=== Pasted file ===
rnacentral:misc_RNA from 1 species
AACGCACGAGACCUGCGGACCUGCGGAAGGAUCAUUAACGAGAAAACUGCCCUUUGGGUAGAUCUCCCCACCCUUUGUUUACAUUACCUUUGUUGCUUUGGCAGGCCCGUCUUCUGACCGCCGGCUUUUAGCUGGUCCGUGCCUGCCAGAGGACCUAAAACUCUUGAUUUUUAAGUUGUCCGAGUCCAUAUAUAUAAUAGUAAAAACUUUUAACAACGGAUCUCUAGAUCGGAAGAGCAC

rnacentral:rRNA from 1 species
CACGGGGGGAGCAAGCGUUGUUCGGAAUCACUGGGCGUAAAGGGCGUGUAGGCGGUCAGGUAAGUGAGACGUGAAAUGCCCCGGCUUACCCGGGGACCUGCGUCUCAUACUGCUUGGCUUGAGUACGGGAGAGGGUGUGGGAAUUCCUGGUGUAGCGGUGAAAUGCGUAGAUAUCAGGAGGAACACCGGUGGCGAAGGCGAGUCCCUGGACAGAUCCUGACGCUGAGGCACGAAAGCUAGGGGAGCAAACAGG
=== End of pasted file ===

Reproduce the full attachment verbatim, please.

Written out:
rnacentral:misc_RNA from 1 species
AACGCACGAGACCUGCGGACCUGCGGAAGGAUCAUUAACGAGAAAACUGCCCUUUGGGUAGAUCUCCCCACCCUUUGUUUACAUUACCUUUGUUGCUUUGGCAGGCCCGUCUUCUGACCGCCGGCUUUUAGCUGGUCCGUGCCUGCCAGAGGACCUAAAACUCUUGAUUUUUAAGUUGUCCGAGUCCAUAUAUAUAAUAGUAAAAACUUUUAACAACGGAUCUCUAGAUCGGAAGAGCAC

rnacentral:rRNA from 1 species
CACGGGGGGAGCAAGCGUUGUUCGGAAUCACUGGGCGUAAAGGGCGUGUAGGCGGUCAGGUAAGUGAGACGUGAAAUGCCCCGGCUUACCCGGGGACCUGCGUCUCAUACUGCUUGGCUUGAGUACGGGAGAGGGUGUGGGAAUUCCUGGUGUAGCGGUGAAAUGCGUAGAUAUCAGGAGGAACACCGGUGGCGAAGGCGAGUCCCUGGACAGAUCCUGACGCUGAGGCACGAAAGCUAGGGGAGCAAACAGG